It wasn’t Jackie’s responsibility to get the details of her rape correct; it was Rolling Stone‘s. [The Guardian]

Stop calling women crazy. [Birdee]

ICYMI: the ties that bind us in menstruation and do you ever feel like you’re trapped behind a screen?

If these links haven’t sated your appetite for feminist goodness, the 83rd Down Under Feminists Carnival has arrived featuring much more from Australia and New Zealand. [Opinions @ BlueBec]

Image via Tumblr.

International Women’s Day: Why I’m a Bad Feminist, or Women Can Be Misogynists, Too.

In honour of International Women’s Day and Roxane Gay’s book, Bad Feminist, which I’m going to hear her speak about tonight, I wonder whether I’m a “bad feminist” for asserting that women can be misogynists, too. 

I could be accused of being a “bad feminist” for the assertion I’m about to make. After all, feminists are supposed to support all women, right? Even women doing unfeminist things, like Sarah Palin, or women in traditionally male dominated industries, like Yahoo! CEO Marissa Mayer, and who throw feminism under the bus.

But in my experience women can be misogynists, too. And as I write this I’m thinking of one woman in particular.

A few years ago, one of my closest male friends started dating someone new. My friend later relayed to me that upon stalking his Facebook, as you do, said new paramour stumbled upon several photos of the two of us. Most of them were taken at costume parties or clubs, so my feminine façade was amplified perhaps more than usual. We were probably standing pretty close together in the photos, too, and our natural affection for each other would be evident. This led her to ask about me, “Who’s that slut?”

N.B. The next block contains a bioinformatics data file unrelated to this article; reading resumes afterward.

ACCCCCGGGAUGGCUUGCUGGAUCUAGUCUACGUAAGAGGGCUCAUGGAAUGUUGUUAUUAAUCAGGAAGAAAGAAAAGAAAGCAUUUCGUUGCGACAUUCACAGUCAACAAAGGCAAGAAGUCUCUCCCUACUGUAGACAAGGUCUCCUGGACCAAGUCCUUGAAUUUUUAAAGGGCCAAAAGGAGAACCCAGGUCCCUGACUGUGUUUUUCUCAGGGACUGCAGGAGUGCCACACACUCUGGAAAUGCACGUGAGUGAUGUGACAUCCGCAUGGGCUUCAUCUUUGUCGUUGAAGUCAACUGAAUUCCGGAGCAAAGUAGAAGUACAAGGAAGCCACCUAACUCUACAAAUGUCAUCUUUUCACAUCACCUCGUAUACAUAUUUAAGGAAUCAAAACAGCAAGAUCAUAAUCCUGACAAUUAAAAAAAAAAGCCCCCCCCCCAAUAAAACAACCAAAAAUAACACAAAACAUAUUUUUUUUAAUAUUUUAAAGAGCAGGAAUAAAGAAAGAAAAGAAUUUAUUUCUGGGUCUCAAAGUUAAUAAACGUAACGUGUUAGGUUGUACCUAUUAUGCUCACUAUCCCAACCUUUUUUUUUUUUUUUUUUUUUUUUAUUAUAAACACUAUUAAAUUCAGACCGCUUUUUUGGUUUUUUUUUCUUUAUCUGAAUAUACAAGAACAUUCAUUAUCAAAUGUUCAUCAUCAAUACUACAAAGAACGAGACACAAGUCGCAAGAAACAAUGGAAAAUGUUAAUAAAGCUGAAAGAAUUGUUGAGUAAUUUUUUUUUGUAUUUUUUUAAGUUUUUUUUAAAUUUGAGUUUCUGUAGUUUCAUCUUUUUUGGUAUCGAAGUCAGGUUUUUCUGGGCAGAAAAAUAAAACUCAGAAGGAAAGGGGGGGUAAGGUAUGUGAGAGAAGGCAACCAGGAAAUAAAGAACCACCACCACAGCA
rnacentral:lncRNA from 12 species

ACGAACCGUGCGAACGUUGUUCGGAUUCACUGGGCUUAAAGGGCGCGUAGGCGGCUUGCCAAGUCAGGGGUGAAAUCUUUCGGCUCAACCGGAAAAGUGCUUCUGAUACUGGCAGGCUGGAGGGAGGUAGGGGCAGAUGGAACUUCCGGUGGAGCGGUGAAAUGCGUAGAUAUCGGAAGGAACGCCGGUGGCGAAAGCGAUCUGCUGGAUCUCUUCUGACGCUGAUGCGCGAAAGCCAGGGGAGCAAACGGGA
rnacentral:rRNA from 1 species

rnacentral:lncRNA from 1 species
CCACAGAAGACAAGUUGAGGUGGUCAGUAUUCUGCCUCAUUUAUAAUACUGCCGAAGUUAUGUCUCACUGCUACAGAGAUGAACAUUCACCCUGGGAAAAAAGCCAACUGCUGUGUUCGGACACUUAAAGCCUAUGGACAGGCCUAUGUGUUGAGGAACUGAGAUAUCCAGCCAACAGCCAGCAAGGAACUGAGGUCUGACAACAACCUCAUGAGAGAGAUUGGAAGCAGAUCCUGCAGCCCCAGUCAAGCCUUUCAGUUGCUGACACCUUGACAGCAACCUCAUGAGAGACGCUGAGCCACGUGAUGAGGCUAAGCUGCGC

At first I gave her the benefit of the doubt. I wrote on my blog at the time that I could see where she was coming from: her insecurity at her date’s close relationship with a woman she didn’t know manifested itself as slut-shaming. It was slut-shaming as a defense mechanism, if you will.

Presently, that woman has now become a colleague; not someone I work with directly, but who has contact with many people I do both professionally and outside of work. Through this network I’ve come to find that it isn’t just me she’s made libelous comments about but many a female coworker who happens to fit the conventionally feminine and attractive mould.

I don’t know exactly what was said about these other women, but I’m pretty sure it was as unwarranted as what she said about me (although I am loathe to defend myself against her name-calling as that implies that some women are sluts and others aren’t). One of the women is ditzily endearing and while I don’t really know the other, she seems pleasant despite her bitchy resting face.

The first comment about me could be chalked up to the green-eyed monster rearing its head, but when such behavior begins to occur on a regular basis, it’s hard not to wonder whether this woman is actually a misogynist.